The Shift

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By Robert Delaney

Just a couple of months after my career shift from journalism to brand journalism and I’ve been asked at least once a week what it’s like to work on the “dark side.”

It hasn’t been very different. So far, I haven’t had to come up with a tag line or a sales pitch or a special offer. I spend much of my time looking for objective sources of information and data. I put this material together for an audience that has opted into a particular conversation because they want, more than anything, to learn something. The members of these audiences opt out once the content looks like a marketing initiative. So in short, not much has changed, except that the work is meant to drive sales leads to my company’s clients. Put simply, the objective is to make money for a certain group of stakeholders. There’s a profit motive.

News outlets have the luxury of claiming to be in the business of creating transparency. But how many of them can claim to ignore their balance sheets for the greater good? At Bloomberg News, we were told to write for “Aunt Agatha,” but in reality we were writing for the Wolves of Wall Street. At The Globe and Mail, a venerable Canadian institution, extremely difficult financial circumstances hang over every reporter’s head, and many talented people have had to leave as a result.

Perhaps I’m drinking the proverbial Kool-Aid, but I have to believe that audiences will always be sophisticated enough to know when to look for brand journalism and when to consult The New York TimesThe Globe and Mail, the Financial Times, or The Wall Street Journal. And I’m happy that the era of the sales pitch is coming to a close.

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Jim Flaherty’s Death Brings Out the Best in Canada’s Politicians

Jim Flaherty’s Death Brings Out the Best in Canada’s Politicians

Jim Flaherty

Justin Trudeau, Katherine Wynne, Andrea Howarth, Dwight Duncan… It’s great to see so many respectable politicians of different ideological stripes expressing condolences over Jim Flaherty’s death and admiration for his work. The man cared deeply about Canada and helped the country through a very tough time.

Obituary – Canada’s Jim Flaherty dies aged 64 – FT

Like Drowning Children for Steak

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By Robert Delaney

@robertoftoronto

 

These two headlines, running within a few days of each other, reflect what may be a filicidal degree of stupidity.

New U.N. Report: Climate Change Risks Destabilizing Human Society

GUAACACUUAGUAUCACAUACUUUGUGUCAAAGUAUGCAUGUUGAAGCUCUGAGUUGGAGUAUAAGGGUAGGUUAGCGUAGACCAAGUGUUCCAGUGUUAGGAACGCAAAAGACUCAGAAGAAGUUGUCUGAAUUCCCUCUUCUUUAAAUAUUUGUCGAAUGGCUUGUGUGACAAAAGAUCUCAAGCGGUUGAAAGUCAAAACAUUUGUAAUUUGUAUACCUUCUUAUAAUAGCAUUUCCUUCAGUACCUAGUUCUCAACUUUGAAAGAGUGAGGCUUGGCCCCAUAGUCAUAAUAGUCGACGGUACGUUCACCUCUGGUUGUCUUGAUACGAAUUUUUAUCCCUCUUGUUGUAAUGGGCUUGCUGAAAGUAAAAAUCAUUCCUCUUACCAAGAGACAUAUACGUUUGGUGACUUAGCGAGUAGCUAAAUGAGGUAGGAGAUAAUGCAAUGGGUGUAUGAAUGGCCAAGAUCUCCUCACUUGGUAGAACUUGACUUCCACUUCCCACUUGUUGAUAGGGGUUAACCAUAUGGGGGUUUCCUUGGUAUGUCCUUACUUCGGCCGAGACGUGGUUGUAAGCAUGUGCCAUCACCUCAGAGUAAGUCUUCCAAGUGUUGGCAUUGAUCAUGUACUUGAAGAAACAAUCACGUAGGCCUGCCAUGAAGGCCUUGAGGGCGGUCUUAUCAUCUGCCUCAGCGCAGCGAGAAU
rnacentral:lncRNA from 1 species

Farms Can’t Keep Up With Demand for Meat 

When scientists and representatives from 110 countries – including China, the U.S., Tanzania and the Maldives – agree on something, perhaps we should pay attention.

The conclusion they reached – and one that is reinforced with every new round of studies – is that human activity is “extremely likely” to be a dominant cause of climatic changes that threaten to flood many populated coastal areas and interrupt our ability to produce enough food.

I doubt these folks are just reaching for an Upworthy headline.

I won’t bother with the connection between fossil fuel burn and climate change. A four-word Google search will give you more than you need. What is treated, frustratingly, as tertiary is the degree to which methane gas from livestock exacerbates the problem. Even business-oriented Bloomberg News explains the case for a meat tax. A Worldwatch Institute report pegs it at 51% of the world’s greenhouse gas production.

Huge numbers of people, particularly North Americans, believe that a portion of meat defines a meal. That means three helping of animal flesh every day, which translates into 122 kilograms of per-capita meat consumption annually in the U.S.  Too many reporters hit their word limit before they can work the meat problem into their climate change stories, and that could be why we’re so fixated on fossil fuel burn.

It’s much easier to reduce or remove meat from our diets than it is to do the same for fossil fuels. Renewable energy solutions help at the margins, but their reliability often depends on weather conditions, and it will be many years before we can move a freight train or a passenger jet with solar cells.

I’m not saying we shouldn’t do everything possible to reduce our carbon footprint. Nor would I argue that we must all give up meat completely. (I will, however, suggest that we demand better treatment of animals and reform of mechanized and medicated livestock production.)

Given the scientific consensus, would it hurt so much to, at least occasionally, serve bean burritos or a hummus platter or a hearty lentil soup instead of cheeseburgers? What goes through the minds of parents who drive their Cadillac Escalades to the supermarket to load up on ground beef and steaks?

Do they look in the rear-view mirror and wonder how life will be for their kids if scientific consensus turns out to be accurate?